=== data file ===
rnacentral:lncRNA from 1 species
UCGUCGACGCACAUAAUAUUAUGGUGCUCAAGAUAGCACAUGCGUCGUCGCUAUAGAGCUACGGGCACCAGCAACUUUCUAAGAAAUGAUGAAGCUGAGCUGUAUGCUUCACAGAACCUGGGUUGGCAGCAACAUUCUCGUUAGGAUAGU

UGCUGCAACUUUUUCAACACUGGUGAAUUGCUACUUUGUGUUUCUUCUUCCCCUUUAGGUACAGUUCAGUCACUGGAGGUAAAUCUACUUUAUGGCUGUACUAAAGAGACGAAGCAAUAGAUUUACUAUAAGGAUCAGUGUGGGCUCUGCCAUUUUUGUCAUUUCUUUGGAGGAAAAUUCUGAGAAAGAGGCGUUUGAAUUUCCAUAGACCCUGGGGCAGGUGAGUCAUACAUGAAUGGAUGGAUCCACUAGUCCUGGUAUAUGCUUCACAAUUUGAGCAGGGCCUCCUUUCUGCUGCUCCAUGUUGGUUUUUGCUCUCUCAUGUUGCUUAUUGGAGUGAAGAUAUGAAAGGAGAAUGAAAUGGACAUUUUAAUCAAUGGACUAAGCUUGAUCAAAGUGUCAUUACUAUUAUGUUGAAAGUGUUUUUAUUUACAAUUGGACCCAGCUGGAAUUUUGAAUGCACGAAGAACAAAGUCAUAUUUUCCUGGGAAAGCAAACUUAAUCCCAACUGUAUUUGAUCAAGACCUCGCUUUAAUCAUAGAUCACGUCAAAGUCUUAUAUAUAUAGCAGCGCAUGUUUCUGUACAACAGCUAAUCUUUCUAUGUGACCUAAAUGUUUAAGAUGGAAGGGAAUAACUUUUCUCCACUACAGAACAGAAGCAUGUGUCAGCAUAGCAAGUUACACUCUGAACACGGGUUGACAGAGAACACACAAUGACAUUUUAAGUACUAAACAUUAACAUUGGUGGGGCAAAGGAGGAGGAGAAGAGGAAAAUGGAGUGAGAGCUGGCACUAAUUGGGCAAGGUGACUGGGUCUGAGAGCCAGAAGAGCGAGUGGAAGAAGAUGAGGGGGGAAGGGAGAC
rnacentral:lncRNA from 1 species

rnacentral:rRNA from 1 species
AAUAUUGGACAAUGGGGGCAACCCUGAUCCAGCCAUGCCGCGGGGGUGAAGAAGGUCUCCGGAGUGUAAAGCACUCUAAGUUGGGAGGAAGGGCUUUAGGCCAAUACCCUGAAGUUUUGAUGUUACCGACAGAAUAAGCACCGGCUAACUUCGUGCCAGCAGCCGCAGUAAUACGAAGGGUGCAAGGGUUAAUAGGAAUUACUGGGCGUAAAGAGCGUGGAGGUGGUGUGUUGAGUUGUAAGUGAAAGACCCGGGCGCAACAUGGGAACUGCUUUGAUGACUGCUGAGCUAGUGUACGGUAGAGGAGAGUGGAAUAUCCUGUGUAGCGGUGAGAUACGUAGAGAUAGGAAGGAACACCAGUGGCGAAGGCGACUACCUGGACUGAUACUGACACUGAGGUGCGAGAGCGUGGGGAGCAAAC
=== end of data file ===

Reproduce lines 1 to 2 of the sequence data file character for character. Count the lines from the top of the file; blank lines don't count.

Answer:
rnacentral:lncRNA from 1 species
UCGUCGACGCACAUAAUAUUAUGGUGCUCAAGAUAGCACAUGCGUCGUCGCUAUAGAGCUACGGGCACCAGCAACUUUCUAAGAAAUGAUGAAGCUGAGCUGUAUGCUUCACAGAACCUGGGUUGGCAGCAACAUUCUCGUUAGGAUAGU